Canada's government is lagging behind much of the world when it comes to protecting marine areas along the country's borders, according to the Canadian Parks and Wilderness Society.
In an expansive report, the advocacy group notes that Nova Scotia and the Canadian government have made limited progress in the past 18 months on protecting important marine areas along the Canadian coastlines despite years of study documenting the need for stronger conservation measures to nurture critical sea life including North Atlantic Right Whales, deep water sponges and corals, and vulnerable fish such as the Atlantic wolffish.
CPAWS had issued a challenge to the federal government in June 2011 to protect 12 special marine areas by December 2012 as an important step towards creating long-needed networks of marine protected areas. By "networks," the group means an ecologically connected string of protected areas, as opposed to pockets of preservation without connection.
“In Nova Scotia, we’ve seen some progress towards protecting St. Anns Bank off Cape Breton, but a complete lack of progress in the Bay of Fundy,” said Martin Willison, Nova Scotia chapter president in a press release.
“Across Canada, we’ve seen marked progress by governments in protecting four of the sites, more limited progress on five, and no progress at all on three, so it’s not all bad news. However, other countries – most notably Australia – have pulled far ahead of us in protecting their oceans, leaving us with a mounting challenge to catch up,” added Sabine Jessen, CPAWS National Oceans program manager.
Twenty years ago, Canada established an international commitment to create a network of marine protected areas by 2012 in response to the growing threats to ocean life of overfishing, industrial development, pollution, and climate change.
“Canada has made some progress on developing a marine protected area network policy since 2011, but the failure to advance quickly on the 12 sites, or to move more speedily on getting protected area networks in place is serious cause for concern,” adds Ms. Jessen.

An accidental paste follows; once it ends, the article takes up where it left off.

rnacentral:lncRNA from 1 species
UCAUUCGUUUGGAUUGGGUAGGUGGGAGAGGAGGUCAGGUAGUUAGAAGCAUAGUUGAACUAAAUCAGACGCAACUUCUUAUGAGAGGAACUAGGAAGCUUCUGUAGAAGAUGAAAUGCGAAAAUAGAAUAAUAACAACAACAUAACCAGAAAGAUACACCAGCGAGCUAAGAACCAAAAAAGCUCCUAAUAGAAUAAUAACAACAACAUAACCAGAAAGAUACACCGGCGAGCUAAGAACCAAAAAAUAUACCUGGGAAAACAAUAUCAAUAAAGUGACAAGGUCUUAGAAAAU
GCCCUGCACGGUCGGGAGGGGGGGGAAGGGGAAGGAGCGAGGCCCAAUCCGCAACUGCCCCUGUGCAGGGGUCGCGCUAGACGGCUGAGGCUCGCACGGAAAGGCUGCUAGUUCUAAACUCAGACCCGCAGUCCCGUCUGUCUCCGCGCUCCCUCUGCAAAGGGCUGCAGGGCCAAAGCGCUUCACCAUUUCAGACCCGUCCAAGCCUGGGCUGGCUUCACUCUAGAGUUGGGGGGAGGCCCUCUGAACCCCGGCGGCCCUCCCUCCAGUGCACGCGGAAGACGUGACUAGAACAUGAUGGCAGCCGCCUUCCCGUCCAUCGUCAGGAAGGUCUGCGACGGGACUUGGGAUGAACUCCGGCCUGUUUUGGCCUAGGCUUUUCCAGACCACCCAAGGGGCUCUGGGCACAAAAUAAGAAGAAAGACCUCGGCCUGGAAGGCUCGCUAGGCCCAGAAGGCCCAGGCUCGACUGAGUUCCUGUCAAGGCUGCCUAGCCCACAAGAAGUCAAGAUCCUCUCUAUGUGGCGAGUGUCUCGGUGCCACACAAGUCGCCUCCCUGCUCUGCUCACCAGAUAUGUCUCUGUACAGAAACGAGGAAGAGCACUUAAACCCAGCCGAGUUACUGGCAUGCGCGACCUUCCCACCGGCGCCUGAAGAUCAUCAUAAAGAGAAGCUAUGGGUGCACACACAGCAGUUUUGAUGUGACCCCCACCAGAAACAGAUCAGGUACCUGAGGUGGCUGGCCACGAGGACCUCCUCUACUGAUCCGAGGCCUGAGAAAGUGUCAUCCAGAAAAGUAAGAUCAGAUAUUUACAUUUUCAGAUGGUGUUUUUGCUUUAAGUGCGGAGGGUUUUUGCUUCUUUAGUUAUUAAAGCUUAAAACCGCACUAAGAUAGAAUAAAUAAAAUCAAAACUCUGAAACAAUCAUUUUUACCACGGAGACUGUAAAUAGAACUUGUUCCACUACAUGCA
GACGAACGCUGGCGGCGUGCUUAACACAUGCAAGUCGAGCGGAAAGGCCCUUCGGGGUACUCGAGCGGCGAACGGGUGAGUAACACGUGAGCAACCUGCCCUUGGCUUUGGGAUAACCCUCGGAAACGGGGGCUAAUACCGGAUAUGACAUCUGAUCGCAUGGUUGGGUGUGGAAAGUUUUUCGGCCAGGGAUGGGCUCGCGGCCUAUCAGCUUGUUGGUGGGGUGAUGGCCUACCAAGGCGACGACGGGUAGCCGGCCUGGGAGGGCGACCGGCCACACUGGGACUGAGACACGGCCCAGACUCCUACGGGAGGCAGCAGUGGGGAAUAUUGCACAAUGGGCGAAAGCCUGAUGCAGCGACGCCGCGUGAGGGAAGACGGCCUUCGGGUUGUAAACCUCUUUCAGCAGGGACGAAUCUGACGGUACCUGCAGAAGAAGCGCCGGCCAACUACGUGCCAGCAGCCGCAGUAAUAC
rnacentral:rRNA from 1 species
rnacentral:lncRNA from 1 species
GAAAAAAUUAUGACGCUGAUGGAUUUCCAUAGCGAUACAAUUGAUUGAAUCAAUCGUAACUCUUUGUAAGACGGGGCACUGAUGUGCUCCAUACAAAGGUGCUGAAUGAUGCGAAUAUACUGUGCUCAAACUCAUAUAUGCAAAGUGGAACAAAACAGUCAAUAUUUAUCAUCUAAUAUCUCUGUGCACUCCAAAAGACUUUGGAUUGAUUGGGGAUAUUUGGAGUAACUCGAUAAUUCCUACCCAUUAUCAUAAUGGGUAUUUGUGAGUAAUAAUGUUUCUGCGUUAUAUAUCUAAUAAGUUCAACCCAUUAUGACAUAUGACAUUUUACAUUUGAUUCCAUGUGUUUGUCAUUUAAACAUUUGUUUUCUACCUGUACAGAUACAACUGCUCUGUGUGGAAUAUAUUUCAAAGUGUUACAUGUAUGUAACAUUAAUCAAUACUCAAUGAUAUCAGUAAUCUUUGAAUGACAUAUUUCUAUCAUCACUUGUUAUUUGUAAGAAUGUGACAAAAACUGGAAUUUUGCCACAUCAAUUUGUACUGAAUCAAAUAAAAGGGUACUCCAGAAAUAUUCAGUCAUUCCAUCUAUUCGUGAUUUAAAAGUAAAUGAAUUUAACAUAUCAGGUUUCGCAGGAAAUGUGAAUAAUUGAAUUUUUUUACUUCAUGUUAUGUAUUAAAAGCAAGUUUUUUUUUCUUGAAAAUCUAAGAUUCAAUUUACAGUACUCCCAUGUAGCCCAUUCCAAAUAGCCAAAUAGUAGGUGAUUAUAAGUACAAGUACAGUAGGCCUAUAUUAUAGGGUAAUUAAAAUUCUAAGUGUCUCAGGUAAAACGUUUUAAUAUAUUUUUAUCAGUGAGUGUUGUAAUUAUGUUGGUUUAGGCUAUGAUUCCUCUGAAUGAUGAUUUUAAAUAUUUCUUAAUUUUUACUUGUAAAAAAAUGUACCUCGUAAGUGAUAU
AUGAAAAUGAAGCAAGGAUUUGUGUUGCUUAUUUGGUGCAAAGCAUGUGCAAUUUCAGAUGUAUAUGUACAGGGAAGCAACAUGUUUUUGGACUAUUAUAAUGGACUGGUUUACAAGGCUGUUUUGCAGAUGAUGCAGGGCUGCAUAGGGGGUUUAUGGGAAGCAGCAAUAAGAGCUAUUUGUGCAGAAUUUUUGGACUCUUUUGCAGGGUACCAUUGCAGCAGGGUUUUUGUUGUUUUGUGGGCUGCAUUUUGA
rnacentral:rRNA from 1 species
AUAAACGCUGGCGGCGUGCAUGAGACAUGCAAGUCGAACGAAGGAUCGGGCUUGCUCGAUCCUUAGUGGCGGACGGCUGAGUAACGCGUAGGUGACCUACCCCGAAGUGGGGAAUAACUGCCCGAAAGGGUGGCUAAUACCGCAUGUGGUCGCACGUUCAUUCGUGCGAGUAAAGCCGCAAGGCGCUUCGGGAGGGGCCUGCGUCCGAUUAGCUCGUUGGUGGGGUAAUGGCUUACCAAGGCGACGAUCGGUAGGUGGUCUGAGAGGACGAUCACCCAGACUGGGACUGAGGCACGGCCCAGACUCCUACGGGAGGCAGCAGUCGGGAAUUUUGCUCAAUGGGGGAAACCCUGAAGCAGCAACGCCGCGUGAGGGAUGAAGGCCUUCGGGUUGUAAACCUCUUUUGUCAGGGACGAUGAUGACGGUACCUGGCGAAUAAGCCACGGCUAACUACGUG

“The 12 sites we identified 18 months ago have long been studied, and the time was ripe to move ahead with protection measures, so it is frustrating that the pace of action has been so slow. And with cutbacks now to budgets at Fisheries and Oceans Canada, Environment Canada and Parks Canada, we are seriously concerned about the government’s capacity to move ahead in creating and managing effective marine protected areas,” she added.
“It is like cutting off our noses to spite our faces. Marine protected areas are key to ensuring healthy stocks of fish and other forms of marine life for the future. There is absolutely no long term financial gain in failing to invest in marine protection.”
The 12 marine areas that CPAWS recommended for protection by December 2012 are spread across the country:
* In the Pacific, the Hecate Strait Glass Sponge Reefs, Scott Islands, Southern Strait of Georgia, and Big Eddy are areas providing important habitat for sea life including Tufted Puffins, endangered Orca whales, and rockfish.
* In the Atlantic, CPAWS recommended protecting the waters off the South Coast Fjords of Newfoundland, in the Laurentian Channel, St. Anns Bank off Nova Scotia, and parts of the Bay of Fundy, American Bank (La Gaspesie), and les Iles de la Madeleine in the Gulf of St Lawrence. These marine areas are home to a range of endangered sea life including Leatherback turtles, Right, Blue and Beluga whales, and nurseries for fish including herring, mackerel, flounder, and Atlantic cod.
* In the North, CPAWS called for protection of the Arctic Ocean’s Lancaster Sound – critical habitat for Narwhal and Bowhead whales, as well as a biologically rich area in James Bay off Quebec, called Tawich.
In its report, CPAWS credits governments for significant progress towards protection of St. Anns Bank off Nova Scotia, Hecate Strait Glass Sponge Reefs, the Southern Strait of Georgia, and the Scott Islands waters off British Columbia, but laments the total lack of progress towards protecting British Columbia’s Big Eddy, the Bay of Fundy, or the waters off the South Coast Fjords of Newfoundland.
CPAWS also raises concern that none of the 12 sites has received final legal protection, and the proposed conservation measures for the nine that have made some progress need strengthening to guarantee their long-term health.
CPAWS is recommending that Canada invest $35 million per year to create a network of Canadian marine protected areas.
"Based on studies in other countries, the financial gain from protecting places within our oceans that nurture sea life and create better conditions for sustainable fishing and other local industries such as eco-tourism, are significant. We simply can’t afford to continue being world laggards in marine conservation – for our own sake and that of our children and theirs to come,” said Ms. Jessen.